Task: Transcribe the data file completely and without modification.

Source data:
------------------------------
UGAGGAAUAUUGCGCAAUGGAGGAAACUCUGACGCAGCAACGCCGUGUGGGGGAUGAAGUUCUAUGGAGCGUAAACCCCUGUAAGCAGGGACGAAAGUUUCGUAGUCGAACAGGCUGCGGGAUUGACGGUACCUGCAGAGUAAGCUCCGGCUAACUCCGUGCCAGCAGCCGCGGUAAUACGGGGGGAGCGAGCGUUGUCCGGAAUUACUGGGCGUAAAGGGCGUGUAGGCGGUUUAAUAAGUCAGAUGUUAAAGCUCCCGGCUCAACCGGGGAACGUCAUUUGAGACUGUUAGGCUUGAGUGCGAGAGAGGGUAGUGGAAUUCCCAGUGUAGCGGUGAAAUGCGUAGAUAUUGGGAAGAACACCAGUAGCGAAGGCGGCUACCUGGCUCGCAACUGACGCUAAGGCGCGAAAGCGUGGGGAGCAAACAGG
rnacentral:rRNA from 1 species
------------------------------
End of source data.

UGAGGAAUAUUGCGCAAUGGAGGAAACUCUGACGCAGCAACGCCGUGUGGGGGAUGAAGUUCUAUGGAGCGUAAACCCCUGUAAGCAGGGACGAAAGUUUCGUAGUCGAACAGGCUGCGGGAUUGACGGUACCUGCAGAGUAAGCUCCGGCUAACUCCGUGCCAGCAGCCGCGGUAAUACGGGGGGAGCGAGCGUUGUCCGGAAUUACUGGGCGUAAAGGGCGUGUAGGCGGUUUAAUAAGUCAGAUGUUAAAGCUCCCGGCUCAACCGGGGAACGUCAUUUGAGACUGUUAGGCUUGAGUGCGAGAGAGGGUAGUGGAAUUCCCAGUGUAGCGGUGAAAUGCGUAGAUAUUGGGAAGAACACCAGUAGCGAAGGCGGCUACCUGGCUCGCAACUGACGCUAAGGCGCGAAAGCGUGGGGAGCAAACAGG
rnacentral:rRNA from 1 species